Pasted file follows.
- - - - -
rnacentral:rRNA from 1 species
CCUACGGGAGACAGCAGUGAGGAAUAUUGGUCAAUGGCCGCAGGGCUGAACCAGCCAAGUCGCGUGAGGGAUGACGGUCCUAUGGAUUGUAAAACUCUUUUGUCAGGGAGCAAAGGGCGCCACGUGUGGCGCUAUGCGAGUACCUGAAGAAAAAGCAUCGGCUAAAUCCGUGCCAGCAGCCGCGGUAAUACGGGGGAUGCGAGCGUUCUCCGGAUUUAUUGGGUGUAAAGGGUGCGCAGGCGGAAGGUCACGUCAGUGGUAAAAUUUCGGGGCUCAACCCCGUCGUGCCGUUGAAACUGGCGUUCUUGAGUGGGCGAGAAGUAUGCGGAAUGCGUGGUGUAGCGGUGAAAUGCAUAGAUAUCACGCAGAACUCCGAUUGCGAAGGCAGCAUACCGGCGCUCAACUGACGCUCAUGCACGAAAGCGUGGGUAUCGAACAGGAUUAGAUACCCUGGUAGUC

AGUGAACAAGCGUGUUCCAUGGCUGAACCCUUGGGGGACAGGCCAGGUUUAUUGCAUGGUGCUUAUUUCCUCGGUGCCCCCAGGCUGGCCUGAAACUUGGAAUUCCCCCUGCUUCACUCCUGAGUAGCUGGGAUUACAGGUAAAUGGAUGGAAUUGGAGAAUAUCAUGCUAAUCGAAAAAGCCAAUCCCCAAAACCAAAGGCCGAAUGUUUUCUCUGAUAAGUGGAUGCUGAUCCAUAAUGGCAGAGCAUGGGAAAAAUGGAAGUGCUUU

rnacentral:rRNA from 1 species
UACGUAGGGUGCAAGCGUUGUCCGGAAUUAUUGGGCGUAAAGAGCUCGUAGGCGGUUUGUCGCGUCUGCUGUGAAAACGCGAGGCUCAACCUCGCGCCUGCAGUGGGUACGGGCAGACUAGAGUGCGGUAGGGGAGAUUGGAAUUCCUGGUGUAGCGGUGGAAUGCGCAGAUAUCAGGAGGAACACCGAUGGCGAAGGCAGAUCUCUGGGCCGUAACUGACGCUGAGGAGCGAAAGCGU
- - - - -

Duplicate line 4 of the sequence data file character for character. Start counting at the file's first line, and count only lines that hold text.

rnacentral:rRNA from 1 species